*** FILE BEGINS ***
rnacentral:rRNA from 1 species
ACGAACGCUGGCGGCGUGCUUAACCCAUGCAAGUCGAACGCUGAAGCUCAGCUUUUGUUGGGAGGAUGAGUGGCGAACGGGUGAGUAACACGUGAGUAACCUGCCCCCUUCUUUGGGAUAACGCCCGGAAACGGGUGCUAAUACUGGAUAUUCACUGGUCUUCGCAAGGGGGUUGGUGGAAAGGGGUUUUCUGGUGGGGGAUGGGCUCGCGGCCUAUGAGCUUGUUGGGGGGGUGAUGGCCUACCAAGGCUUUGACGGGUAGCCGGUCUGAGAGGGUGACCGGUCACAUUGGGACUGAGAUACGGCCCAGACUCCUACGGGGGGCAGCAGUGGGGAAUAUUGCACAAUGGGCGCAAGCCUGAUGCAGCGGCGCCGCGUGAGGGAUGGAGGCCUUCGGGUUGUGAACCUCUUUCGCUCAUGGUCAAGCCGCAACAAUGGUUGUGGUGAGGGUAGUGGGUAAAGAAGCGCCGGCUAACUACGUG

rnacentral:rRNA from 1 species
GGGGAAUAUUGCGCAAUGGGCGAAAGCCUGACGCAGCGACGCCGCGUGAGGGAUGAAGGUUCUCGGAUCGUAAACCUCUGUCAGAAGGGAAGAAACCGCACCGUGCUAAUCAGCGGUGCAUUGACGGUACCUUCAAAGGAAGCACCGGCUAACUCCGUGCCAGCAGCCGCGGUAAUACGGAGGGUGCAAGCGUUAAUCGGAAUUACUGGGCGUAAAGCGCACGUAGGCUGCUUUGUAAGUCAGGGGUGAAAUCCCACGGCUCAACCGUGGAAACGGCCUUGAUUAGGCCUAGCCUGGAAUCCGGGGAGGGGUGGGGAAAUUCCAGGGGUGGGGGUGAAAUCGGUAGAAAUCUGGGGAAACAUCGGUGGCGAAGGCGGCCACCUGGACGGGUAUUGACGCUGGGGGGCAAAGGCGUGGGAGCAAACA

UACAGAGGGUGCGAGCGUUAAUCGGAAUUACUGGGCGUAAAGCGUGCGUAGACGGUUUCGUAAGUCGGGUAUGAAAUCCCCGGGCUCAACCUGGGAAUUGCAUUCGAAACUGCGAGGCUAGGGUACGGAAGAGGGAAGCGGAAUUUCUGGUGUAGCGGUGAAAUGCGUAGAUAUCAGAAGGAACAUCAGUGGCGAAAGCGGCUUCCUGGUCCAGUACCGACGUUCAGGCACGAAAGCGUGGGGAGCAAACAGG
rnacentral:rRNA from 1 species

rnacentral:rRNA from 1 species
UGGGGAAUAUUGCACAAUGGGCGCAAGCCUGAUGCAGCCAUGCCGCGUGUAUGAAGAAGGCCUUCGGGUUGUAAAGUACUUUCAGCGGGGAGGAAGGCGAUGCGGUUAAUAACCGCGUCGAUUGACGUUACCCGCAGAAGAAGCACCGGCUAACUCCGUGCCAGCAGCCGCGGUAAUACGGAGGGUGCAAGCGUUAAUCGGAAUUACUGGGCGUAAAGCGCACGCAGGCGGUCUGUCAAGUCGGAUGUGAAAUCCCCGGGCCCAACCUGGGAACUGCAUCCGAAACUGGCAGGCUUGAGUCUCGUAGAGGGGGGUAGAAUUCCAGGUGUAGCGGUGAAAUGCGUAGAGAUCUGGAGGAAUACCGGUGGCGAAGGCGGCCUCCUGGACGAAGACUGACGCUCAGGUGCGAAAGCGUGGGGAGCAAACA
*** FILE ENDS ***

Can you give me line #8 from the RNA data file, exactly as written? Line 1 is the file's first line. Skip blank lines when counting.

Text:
UGGGGAAUAUUGCACAAUGGGCGCAAGCCUGAUGCAGCCAUGCCGCGUGUAUGAAGAAGGCCUUCGGGUUGUAAAGUACUUUCAGCGGGGAGGAAGGCGAUGCGGUUAAUAACCGCGUCGAUUGACGUUACCCGCAGAAGAAGCACCGGCUAACUCCGUGCCAGCAGCCGCGGUAAUACGGAGGGUGCAAGCGUUAAUCGGAAUUACUGGGCGUAAAGCGCACGCAGGCGGUCUGUCAAGUCGGAUGUGAAAUCCCCGGGCCCAACCUGGGAACUGCAUCCGAAACUGGCAGGCUUGAGUCUCGUAGAGGGGGGUAGAAUUCCAGGUGUAGCGGUGAAAUGCGUAGAGAUCUGGAGGAAUACCGGUGGCGAAGGCGGCCUCCUGGACGAAGACUGACGCUCAGGUGCGAAAGCGUGGGGAGCAAACA